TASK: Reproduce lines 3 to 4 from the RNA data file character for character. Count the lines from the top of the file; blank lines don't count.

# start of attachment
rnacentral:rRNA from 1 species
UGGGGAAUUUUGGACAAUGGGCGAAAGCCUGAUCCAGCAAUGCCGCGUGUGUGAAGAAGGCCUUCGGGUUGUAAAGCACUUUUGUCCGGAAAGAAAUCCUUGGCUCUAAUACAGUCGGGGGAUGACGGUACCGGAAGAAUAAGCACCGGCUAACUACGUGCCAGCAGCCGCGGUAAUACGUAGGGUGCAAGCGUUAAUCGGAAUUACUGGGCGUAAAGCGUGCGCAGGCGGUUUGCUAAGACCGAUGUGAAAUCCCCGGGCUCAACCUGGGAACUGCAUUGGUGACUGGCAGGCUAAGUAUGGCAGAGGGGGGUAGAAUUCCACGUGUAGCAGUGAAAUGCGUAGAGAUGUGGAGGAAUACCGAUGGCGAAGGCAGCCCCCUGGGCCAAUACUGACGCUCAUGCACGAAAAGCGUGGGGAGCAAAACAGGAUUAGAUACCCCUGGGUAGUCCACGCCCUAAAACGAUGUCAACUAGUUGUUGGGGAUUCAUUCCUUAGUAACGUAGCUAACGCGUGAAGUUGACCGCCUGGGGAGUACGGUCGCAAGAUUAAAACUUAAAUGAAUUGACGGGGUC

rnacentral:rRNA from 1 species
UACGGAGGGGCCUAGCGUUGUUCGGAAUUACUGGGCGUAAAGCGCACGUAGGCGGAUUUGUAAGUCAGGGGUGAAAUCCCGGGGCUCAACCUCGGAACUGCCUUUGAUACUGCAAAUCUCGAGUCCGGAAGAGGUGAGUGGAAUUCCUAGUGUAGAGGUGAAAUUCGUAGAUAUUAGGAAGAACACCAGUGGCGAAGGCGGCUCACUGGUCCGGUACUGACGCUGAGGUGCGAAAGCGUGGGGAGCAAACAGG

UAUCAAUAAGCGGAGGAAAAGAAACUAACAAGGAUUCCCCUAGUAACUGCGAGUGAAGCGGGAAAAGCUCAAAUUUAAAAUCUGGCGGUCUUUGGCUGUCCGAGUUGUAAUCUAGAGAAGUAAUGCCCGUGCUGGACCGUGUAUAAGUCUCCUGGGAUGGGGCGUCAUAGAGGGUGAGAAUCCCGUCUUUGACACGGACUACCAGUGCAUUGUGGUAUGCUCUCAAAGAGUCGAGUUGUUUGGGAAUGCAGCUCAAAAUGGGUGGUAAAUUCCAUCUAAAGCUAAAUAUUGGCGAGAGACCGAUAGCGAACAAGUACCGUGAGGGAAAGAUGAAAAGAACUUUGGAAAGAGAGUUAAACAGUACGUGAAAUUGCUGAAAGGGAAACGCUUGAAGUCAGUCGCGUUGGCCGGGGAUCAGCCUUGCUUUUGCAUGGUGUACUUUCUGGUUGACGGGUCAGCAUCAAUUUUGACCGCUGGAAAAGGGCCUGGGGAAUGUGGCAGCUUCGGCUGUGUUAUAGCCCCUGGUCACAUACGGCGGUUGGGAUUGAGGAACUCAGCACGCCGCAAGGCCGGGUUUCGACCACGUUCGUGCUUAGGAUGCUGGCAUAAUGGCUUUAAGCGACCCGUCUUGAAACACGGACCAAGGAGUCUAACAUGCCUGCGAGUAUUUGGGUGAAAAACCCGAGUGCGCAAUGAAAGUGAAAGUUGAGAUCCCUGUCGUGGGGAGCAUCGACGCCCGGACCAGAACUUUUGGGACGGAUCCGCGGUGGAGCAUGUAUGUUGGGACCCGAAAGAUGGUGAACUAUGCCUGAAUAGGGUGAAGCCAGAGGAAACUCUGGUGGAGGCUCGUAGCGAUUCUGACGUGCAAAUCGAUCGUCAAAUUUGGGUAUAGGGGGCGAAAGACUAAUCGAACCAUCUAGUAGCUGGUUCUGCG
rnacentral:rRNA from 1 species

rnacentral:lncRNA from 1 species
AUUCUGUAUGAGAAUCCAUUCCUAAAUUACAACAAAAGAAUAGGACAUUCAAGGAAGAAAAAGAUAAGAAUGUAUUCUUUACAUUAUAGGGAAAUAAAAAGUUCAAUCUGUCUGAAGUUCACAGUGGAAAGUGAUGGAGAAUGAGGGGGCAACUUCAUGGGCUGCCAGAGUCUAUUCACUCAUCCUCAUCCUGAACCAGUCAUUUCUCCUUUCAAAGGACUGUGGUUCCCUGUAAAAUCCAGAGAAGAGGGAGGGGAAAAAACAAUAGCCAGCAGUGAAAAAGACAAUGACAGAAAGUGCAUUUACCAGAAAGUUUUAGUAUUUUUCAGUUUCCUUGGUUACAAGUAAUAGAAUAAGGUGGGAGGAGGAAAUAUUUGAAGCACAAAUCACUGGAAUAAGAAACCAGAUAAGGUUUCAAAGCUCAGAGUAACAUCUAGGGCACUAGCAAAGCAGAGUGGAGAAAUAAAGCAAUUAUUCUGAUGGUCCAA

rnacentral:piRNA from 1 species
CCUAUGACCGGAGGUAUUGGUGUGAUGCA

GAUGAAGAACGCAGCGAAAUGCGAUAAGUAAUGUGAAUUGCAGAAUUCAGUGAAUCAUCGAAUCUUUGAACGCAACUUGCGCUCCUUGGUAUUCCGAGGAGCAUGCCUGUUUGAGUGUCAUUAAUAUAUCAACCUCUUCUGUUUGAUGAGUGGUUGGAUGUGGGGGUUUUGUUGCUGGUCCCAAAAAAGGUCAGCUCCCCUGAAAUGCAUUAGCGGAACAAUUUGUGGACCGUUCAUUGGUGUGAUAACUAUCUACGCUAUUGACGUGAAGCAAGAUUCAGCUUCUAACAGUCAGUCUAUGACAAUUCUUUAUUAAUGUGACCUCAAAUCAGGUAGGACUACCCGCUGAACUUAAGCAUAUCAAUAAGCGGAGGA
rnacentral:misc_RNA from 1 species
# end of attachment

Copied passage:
rnacentral:rRNA from 1 species
UACGGAGGGGCCUAGCGUUGUUCGGAAUUACUGGGCGUAAAGCGCACGUAGGCGGAUUUGUAAGUCAGGGGUGAAAUCCCGGGGCUCAACCUCGGAACUGCCUUUGAUACUGCAAAUCUCGAGUCCGGAAGAGGUGAGUGGAAUUCCUAGUGUAGAGGUGAAAUUCGUAGAUAUUAGGAAGAACACCAGUGGCGAAGGCGGCUCACUGGUCCGGUACUGACGCUGAGGUGCGAAAGCGUGGGGAGCAAACAGG